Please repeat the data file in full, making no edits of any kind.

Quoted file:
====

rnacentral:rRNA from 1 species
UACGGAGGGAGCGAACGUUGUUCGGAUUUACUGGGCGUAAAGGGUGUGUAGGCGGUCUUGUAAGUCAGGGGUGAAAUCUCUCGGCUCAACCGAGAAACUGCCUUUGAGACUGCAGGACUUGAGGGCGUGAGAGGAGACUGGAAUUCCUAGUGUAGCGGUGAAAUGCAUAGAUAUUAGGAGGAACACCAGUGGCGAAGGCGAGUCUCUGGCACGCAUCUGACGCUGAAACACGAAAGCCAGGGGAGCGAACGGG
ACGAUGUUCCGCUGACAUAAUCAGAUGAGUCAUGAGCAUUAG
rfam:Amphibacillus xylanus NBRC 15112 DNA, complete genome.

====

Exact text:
rnacentral:rRNA from 1 species
UACGGAGGGAGCGAACGUUGUUCGGAUUUACUGGGCGUAAAGGGUGUGUAGGCGGUCUUGUAAGUCAGGGGUGAAAUCUCUCGGCUCAACCGAGAAACUGCCUUUGAGACUGCAGGACUUGAGGGCGUGAGAGGAGACUGGAAUUCCUAGUGUAGCGGUGAAAUGCAUAGAUAUUAGGAGGAACACCAGUGGCGAAGGCGAGUCUCUGGCACGCAUCUGACGCUGAAACACGAAAGCCAGGGGAGCGAACGGG
ACGAUGUUCCGCUGACAUAAUCAGAUGAGUCAUGAGCAUUAG
rfam:Amphibacillus xylanus NBRC 15112 DNA, complete genome.